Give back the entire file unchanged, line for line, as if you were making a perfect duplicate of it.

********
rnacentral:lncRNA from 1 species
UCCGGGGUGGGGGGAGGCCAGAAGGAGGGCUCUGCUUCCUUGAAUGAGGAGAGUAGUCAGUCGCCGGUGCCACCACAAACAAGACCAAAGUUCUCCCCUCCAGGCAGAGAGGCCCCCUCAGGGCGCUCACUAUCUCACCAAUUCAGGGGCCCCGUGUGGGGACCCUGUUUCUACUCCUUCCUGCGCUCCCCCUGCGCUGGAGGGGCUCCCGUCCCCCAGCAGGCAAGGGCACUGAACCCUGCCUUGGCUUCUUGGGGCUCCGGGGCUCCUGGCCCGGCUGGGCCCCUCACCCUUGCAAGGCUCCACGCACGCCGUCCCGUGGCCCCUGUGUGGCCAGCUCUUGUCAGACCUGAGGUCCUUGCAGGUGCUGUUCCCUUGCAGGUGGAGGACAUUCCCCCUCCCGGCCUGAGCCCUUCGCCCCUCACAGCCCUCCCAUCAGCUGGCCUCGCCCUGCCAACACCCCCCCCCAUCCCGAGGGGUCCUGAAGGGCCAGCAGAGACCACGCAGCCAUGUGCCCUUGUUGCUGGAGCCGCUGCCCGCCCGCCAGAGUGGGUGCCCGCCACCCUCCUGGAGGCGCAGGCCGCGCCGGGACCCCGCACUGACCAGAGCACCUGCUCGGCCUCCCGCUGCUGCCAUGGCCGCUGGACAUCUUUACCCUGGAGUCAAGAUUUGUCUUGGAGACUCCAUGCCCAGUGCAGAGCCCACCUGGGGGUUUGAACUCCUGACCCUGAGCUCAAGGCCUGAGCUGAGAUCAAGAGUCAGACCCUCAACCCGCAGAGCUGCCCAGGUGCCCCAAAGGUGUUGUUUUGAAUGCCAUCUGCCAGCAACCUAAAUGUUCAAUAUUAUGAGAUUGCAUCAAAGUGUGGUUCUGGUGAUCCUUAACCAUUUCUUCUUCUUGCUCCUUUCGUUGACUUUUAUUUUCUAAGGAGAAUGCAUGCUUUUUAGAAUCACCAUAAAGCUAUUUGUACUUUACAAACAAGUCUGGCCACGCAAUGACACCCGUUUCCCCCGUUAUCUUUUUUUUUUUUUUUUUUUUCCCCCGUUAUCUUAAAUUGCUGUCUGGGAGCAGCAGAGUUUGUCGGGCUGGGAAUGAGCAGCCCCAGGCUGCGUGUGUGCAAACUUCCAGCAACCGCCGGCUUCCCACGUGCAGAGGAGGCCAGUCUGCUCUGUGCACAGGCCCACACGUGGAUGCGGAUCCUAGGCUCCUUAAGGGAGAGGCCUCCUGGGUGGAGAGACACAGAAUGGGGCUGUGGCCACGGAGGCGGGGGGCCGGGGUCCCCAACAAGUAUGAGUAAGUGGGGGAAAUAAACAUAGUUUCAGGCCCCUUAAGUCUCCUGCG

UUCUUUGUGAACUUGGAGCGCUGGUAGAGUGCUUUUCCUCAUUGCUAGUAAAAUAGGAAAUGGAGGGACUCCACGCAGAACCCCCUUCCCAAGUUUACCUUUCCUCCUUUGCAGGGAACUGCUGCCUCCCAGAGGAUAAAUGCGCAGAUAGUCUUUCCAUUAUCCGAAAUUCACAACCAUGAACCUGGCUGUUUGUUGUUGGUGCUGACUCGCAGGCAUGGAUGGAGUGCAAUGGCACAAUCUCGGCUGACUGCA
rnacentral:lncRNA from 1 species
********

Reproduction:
rnacentral:lncRNA from 1 species
UCCGGGGUGGGGGGAGGCCAGAAGGAGGGCUCUGCUUCCUUGAAUGAGGAGAGUAGUCAGUCGCCGGUGCCACCACAAACAAGACCAAAGUUCUCCCCUCCAGGCAGAGAGGCCCCCUCAGGGCGCUCACUAUCUCACCAAUUCAGGGGCCCCGUGUGGGGACCCUGUUUCUACUCCUUCCUGCGCUCCCCCUGCGCUGGAGGGGCUCCCGUCCCCCAGCAGGCAAGGGCACUGAACCCUGCCUUGGCUUCUUGGGGCUCCGGGGCUCCUGGCCCGGCUGGGCCCCUCACCCUUGCAAGGCUCCACGCACGCCGUCCCGUGGCCCCUGUGUGGCCAGCUCUUGUCAGACCUGAGGUCCUUGCAGGUGCUGUUCCCUUGCAGGUGGAGGACAUUCCCCCUCCCGGCCUGAGCCCUUCGCCCCUCACAGCCCUCCCAUCAGCUGGCCUCGCCCUGCCAACACCCCCCCCCAUCCCGAGGGGUCCUGAAGGGCCAGCAGAGACCACGCAGCCAUGUGCCCUUGUUGCUGGAGCCGCUGCCCGCCCGCCAGAGUGGGUGCCCGCCACCCUCCUGGAGGCGCAGGCCGCGCCGGGACCCCGCACUGACCAGAGCACCUGCUCGGCCUCCCGCUGCUGCCAUGGCCGCUGGACAUCUUUACCCUGGAGUCAAGAUUUGUCUUGGAGACUCCAUGCCCAGUGCAGAGCCCACCUGGGGGUUUGAACUCCUGACCCUGAGCUCAAGGCCUGAGCUGAGAUCAAGAGUCAGACCCUCAACCCGCAGAGCUGCCCAGGUGCCCCAAAGGUGUUGUUUUGAAUGCCAUCUGCCAGCAACCUAAAUGUUCAAUAUUAUGAGAUUGCAUCAAAGUGUGGUUCUGGUGAUCCUUAACCAUUUCUUCUUCUUGCUCCUUUCGUUGACUUUUAUUUUCUAAGGAGAAUGCAUGCUUUUUAGAAUCACCAUAAAGCUAUUUGUACUUUACAAACAAGUCUGGCCACGCAAUGACACCCGUUUCCCCCGUUAUCUUUUUUUUUUUUUUUUUUUUCCCCCGUUAUCUUAAAUUGCUGUCUGGGAGCAGCAGAGUUUGUCGGGCUGGGAAUGAGCAGCCCCAGGCUGCGUGUGUGCAAACUUCCAGCAACCGCCGGCUUCCCACGUGCAGAGGAGGCCAGUCUGCUCUGUGCACAGGCCCACACGUGGAUGCGGAUCCUAGGCUCCUUAAGGGAGAGGCCUCCUGGGUGGAGAGACACAGAAUGGGGCUGUGGCCACGGAGGCGGGGGGCCGGGGUCCCCAACAAGUAUGAGUAAGUGGGGGAAAUAAACAUAGUUUCAGGCCCCUUAAGUCUCCUGCG

UUCUUUGUGAACUUGGAGCGCUGGUAGAGUGCUUUUCCUCAUUGCUAGUAAAAUAGGAAAUGGAGGGACUCCACGCAGAACCCCCUUCCCAAGUUUACCUUUCCUCCUUUGCAGGGAACUGCUGCCUCCCAGAGGAUAAAUGCGCAGAUAGUCUUUCCAUUAUCCGAAAUUCACAACCAUGAACCUGGCUGUUUGUUGUUGGUGCUGACUCGCAGGCAUGGAUGGAGUGCAAUGGCACAAUCUCGGCUGACUGCA
rnacentral:lncRNA from 1 species